The third mode, activated by OPTION switchover=1, switches the index to the new path. Here, the daemon tries to load the table directly from the new path without moving the files. If loading is successful, this new index supersedes the old one.

Also, the daemon writes a unique link file ( in the directory specified by path, maintaining persistent redirection.

If you revert a redirected index to the path specified in the configuration, the daemon will detect this and delete the link file.

Once redirected, the daemon retrieves the table from the newly linked path. When rotating, it looks for new table versions at the newly redirected path. Bear in mind, the daemon checks the configuration for common errors, like duplicate paths across different tables. However, it won't identify if multiple tables point to the same path via redirection. Under normal operations, tables are locked with the .spl file, but disabling the lock may cause problems. If there's an error (e.g., the path is inaccessible for any reason), you should manually correct (or simply delete) the link file.

indextool follows the link file, but other tools (indexer, index_converter, etc.) do not recognize the link file and consistently use the path defined in the configuration file, ignoring any redirection. Thus, you can inspect the index with indextool, and it will read from the new location. However, more complex operations like merging will not acknowledge any link file.

mysql> RELOAD TABLE plain_table;
mysql> RELOAD TABLE plain_table FROM '/home/mighty/new_table_files';
mysql> RELOAD TABLE plain_table FROM '/home/mighty/new/place/for/table/table_files' OPTION switchover=1;



This command functions similarly to the HUP system signal, triggering a rotation of tables. Nevertheless, it doesn't exactly mirror the typical HUP signal (which can come from a kill -HUP command or indexer --rotate). This command actively searches for any tables needing rotation and is capable of re-reading the configuration. Suppose you launch Manticore in plain mode with a config file that points to a nonexistent plain table. If you then attempt to indexer --rotate the table, the new table won't be recognized by the server until you execute RELOAD TABLES or restart the server.

Depending on the value of the seamless_rotate setting, new queries might be shortly stalled, and clients will receive temporary errors.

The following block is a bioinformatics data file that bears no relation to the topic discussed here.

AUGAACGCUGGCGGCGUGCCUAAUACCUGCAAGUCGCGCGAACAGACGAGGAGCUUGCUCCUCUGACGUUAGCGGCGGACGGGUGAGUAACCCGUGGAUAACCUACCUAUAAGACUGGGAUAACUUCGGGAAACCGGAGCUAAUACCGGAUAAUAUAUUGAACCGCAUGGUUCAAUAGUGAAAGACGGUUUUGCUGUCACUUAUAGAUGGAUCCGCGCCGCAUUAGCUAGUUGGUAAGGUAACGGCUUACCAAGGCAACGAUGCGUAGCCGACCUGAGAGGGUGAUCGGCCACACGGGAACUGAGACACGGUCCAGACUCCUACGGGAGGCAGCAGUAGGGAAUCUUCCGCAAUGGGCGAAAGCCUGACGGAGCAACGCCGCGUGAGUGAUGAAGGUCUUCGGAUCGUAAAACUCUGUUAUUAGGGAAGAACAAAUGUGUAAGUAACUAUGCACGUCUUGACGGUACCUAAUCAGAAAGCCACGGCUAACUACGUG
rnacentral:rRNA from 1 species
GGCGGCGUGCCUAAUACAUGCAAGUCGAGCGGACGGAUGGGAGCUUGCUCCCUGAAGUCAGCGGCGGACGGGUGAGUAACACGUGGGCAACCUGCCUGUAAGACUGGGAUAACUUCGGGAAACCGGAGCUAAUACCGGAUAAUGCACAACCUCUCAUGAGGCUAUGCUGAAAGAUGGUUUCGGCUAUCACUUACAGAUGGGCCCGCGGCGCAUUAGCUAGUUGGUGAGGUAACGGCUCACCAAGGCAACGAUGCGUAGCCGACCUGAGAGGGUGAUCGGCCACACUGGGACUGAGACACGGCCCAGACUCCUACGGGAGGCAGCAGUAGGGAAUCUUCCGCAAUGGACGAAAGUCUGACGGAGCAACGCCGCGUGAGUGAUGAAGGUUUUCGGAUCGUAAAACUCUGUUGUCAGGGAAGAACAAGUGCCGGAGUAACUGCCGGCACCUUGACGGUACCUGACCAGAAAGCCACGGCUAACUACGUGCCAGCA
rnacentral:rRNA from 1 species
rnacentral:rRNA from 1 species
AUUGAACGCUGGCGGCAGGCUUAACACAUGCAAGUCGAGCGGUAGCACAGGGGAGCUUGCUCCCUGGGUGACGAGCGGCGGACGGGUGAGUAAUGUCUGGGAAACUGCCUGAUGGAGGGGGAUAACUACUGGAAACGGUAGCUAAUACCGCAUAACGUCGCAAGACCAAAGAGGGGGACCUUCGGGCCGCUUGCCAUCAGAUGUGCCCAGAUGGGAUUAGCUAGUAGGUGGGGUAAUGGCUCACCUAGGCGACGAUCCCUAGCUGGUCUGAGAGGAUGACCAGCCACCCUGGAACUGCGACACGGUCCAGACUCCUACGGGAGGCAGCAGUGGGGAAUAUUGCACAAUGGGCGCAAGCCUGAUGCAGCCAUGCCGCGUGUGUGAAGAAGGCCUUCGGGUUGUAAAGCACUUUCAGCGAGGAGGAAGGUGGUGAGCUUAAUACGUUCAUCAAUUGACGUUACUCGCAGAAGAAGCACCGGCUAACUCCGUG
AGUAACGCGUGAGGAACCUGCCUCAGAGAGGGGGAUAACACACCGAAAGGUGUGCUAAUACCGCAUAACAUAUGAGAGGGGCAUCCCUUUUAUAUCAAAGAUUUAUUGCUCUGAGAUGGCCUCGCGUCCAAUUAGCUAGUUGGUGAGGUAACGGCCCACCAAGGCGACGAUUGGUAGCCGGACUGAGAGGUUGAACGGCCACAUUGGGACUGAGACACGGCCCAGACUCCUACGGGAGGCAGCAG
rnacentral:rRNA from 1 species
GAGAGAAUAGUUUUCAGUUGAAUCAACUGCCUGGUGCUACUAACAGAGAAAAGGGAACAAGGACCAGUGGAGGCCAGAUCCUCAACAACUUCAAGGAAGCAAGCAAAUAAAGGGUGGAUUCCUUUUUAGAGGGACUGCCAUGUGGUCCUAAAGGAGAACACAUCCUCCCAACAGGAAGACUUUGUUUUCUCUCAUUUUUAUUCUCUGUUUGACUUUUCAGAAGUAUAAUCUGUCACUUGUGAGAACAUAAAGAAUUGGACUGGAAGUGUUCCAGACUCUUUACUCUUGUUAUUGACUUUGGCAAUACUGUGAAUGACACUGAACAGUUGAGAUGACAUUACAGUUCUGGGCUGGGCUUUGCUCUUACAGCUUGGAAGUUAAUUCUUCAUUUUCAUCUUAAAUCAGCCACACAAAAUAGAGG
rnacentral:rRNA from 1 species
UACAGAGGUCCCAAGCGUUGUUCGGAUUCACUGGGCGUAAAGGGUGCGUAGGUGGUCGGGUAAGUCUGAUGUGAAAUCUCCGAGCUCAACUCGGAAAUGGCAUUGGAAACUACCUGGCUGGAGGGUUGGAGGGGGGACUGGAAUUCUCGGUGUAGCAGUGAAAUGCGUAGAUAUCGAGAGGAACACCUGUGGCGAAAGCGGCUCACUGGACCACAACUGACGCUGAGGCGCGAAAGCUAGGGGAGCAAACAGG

Query OK, 0 rows affected (0.01 sec)

Seamless rotate

The rotate assumes old table version is discarded and new table version is loaded and replaces the existing one. During this swapping, the server needs to also serve incoming queries made on the table that is going to be updated. To avoid stalls of the queries, the server implements a seamless rotate of the table by default, as described below.

Tables may contain data that needs to be precached in RAM. At the moment, .spa, .spb, .spi and .spm files are fully precached (they contain attribute data, blob attribute data, keyword table, and killed row map, respectively). Without seamless rotate, rotating a table tries to use as little RAM as possible and works as follows:

  1. New queries are temporarily rejected (with "retry" error code).
  2. searchd waits for all currently running queries to finish.
  3. Old table is deallocated and its files are renamed.
  4. New table files are renamed and required RAM is allocated.
  5. New table attribute and dictionary data is preloaded to RAM.
  6. searchd resumes serving queries from the new table.

However, if there's a lot of attribute or dictionary data, then the preloading step could take noticeable time - up to several minutes in case of preloading 1-5+ GB files.

With seamless rotate enabled, rotation works as follows:

  1. New table RAM storage is allocated.
  2. New table attribute and dictionary data is asynchronously preloaded to RAM.
  3. On success, old table is deallocated and both tables' files are renamed.
  4. On failure, new table is deallocated.
  5. At any given moment, queries are served either from old or new table copy.

Seamless rotate comes at the cost of higher peak memory usage during the rotation (because both old and new copies of .spa/.spb/.spi/.spm data need to be in RAM while preloading the new copy). However, average usage stays the same.


seamless_rotate = 1